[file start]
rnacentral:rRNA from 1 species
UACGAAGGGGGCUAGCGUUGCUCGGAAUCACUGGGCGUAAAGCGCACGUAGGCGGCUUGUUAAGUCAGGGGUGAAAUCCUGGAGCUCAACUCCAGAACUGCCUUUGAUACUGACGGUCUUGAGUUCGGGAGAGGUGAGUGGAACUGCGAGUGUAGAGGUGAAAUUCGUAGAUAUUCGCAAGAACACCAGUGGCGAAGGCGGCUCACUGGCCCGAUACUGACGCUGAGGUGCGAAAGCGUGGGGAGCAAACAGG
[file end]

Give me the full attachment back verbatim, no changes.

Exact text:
rnacentral:rRNA from 1 species
UACGAAGGGGGCUAGCGUUGCUCGGAAUCACUGGGCGUAAAGCGCACGUAGGCGGCUUGUUAAGUCAGGGGUGAAAUCCUGGAGCUCAACUCCAGAACUGCCUUUGAUACUGACGGUCUUGAGUUCGGGAGAGGUGAGUGGAACUGCGAGUGUAGAGGUGAAAUUCGUAGAUAUUCGCAAGAACACCAGUGGCGAAGGCGGCUCACUGGCCCGAUACUGACGCUGAGGUGCGAAAGCGUGGGGAGCAAACAGG